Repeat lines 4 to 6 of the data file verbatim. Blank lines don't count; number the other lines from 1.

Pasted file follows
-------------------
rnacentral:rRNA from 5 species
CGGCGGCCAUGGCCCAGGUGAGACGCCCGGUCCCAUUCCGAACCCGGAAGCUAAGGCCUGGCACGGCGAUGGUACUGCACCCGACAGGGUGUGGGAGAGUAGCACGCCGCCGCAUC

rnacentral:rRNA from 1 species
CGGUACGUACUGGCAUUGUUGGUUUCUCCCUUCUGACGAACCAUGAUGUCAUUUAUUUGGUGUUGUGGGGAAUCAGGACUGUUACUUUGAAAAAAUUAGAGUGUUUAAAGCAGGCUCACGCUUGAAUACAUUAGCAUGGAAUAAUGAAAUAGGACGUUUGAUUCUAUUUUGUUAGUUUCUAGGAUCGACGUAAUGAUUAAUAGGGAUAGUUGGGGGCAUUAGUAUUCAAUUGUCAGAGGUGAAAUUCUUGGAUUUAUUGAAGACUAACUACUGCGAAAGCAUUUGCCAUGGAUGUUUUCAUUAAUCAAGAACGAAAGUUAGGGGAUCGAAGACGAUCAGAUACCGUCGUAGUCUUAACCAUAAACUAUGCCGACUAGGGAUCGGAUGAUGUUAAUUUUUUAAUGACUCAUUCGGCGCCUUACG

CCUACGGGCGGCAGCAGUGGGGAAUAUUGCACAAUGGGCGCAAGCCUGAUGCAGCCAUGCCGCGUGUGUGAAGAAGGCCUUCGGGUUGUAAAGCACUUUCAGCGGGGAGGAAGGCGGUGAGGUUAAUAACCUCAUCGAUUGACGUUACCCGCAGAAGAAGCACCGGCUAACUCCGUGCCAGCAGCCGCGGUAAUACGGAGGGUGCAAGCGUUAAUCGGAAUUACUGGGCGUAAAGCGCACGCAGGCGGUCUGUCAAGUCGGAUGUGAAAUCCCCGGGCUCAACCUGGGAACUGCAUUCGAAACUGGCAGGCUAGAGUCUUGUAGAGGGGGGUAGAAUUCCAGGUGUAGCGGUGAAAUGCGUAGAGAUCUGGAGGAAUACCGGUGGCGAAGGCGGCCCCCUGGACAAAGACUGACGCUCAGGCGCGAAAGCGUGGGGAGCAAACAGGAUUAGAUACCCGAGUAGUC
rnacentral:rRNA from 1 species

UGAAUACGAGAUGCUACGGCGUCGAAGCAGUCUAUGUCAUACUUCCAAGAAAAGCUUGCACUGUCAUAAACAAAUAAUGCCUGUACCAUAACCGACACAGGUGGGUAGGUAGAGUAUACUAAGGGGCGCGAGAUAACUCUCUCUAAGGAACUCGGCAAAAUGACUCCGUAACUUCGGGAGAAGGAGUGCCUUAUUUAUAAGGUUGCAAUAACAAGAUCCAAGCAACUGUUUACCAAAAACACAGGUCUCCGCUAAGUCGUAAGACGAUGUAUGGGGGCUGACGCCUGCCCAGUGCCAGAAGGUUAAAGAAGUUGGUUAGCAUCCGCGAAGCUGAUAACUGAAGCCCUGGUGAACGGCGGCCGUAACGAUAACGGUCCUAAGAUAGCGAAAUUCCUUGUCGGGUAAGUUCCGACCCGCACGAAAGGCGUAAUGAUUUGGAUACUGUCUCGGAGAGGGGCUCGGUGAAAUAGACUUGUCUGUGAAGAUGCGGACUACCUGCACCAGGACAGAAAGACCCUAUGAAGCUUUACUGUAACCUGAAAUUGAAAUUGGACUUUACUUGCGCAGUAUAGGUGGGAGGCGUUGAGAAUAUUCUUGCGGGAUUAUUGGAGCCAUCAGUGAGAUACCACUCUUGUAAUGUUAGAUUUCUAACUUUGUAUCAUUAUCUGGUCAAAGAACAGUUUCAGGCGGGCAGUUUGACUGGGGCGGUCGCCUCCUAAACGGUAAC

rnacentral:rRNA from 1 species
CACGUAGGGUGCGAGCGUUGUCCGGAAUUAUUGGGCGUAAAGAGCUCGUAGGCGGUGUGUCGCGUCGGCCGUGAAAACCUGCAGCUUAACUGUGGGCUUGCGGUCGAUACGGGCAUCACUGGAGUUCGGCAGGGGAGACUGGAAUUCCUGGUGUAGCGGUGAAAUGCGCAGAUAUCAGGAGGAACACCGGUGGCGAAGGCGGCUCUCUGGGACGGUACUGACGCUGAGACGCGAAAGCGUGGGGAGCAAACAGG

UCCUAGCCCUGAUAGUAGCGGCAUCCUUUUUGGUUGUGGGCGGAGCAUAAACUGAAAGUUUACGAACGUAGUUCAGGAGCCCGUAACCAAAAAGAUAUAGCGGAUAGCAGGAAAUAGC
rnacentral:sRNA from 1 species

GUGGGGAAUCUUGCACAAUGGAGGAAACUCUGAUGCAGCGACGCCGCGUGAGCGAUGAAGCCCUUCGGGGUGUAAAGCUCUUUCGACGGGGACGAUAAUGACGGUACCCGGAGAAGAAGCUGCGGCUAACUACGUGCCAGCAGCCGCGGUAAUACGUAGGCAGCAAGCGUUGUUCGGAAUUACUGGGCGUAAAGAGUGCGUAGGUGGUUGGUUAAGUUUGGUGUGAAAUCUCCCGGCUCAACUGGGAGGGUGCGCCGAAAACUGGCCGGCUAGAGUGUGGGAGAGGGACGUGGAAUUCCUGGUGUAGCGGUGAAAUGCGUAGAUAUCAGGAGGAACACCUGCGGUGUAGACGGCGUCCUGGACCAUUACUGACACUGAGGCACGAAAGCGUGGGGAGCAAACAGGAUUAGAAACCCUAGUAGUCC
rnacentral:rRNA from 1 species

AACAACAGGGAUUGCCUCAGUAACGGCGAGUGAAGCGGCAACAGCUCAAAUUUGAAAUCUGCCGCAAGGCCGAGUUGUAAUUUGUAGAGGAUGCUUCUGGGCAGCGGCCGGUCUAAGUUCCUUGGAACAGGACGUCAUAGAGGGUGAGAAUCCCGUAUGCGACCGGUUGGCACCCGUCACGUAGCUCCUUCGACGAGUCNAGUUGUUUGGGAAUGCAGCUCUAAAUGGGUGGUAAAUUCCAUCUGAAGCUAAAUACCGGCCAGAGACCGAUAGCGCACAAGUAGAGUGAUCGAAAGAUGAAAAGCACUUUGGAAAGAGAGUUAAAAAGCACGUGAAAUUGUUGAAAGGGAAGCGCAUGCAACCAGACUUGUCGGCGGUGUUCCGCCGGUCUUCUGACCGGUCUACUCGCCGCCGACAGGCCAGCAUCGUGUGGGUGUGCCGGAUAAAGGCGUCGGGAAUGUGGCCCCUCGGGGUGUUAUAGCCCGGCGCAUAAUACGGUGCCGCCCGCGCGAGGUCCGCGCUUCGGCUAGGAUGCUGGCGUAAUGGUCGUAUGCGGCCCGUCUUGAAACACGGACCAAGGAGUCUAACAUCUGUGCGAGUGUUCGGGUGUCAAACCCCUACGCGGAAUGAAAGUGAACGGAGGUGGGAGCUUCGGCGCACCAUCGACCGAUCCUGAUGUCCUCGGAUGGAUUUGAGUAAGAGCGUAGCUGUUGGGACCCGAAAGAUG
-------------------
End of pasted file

CGGUACGUACUGGCAUUGUUGGUUUCUCCCUUCUGACGAACCAUGAUGUCAUUUAUUUGGUGUUGUGGGGAAUCAGGACUGUUACUUUGAAAAAAUUAGAGUGUUUAAAGCAGGCUCACGCUUGAAUACAUUAGCAUGGAAUAAUGAAAUAGGACGUUUGAUUCUAUUUUGUUAGUUUCUAGGAUCGACGUAAUGAUUAAUAGGGAUAGUUGGGGGCAUUAGUAUUCAAUUGUCAGAGGUGAAAUUCUUGGAUUUAUUGAAGACUAACUACUGCGAAAGCAUUUGCCAUGGAUGUUUUCAUUAAUCAAGAACGAAAGUUAGGGGAUCGAAGACGAUCAGAUACCGUCGUAGUCUUAACCAUAAACUAUGCCGACUAGGGAUCGGAUGAUGUUAAUUUUUUAAUGACUCAUUCGGCGCCUUACG

CCUACGGGCGGCAGCAGUGGGGAAUAUUGCACAAUGGGCGCAAGCCUGAUGCAGCCAUGCCGCGUGUGUGAAGAAGGCCUUCGGGUUGUAAAGCACUUUCAGCGGGGAGGAAGGCGGUGAGGUUAAUAACCUCAUCGAUUGACGUUACCCGCAGAAGAAGCACCGGCUAACUCCGUGCCAGCAGCCGCGGUAAUACGGAGGGUGCAAGCGUUAAUCGGAAUUACUGGGCGUAAAGCGCACGCAGGCGGUCUGUCAAGUCGGAUGUGAAAUCCCCGGGCUCAACCUGGGAACUGCAUUCGAAACUGGCAGGCUAGAGUCUUGUAGAGGGGGGUAGAAUUCCAGGUGUAGCGGUGAAAUGCGUAGAGAUCUGGAGGAAUACCGGUGGCGAAGGCGGCCCCCUGGACAAAGACUGACGCUCAGGCGCGAAAGCGUGGGGAGCAAACAGGAUUAGAUACCCGAGUAGUC
rnacentral:rRNA from 1 species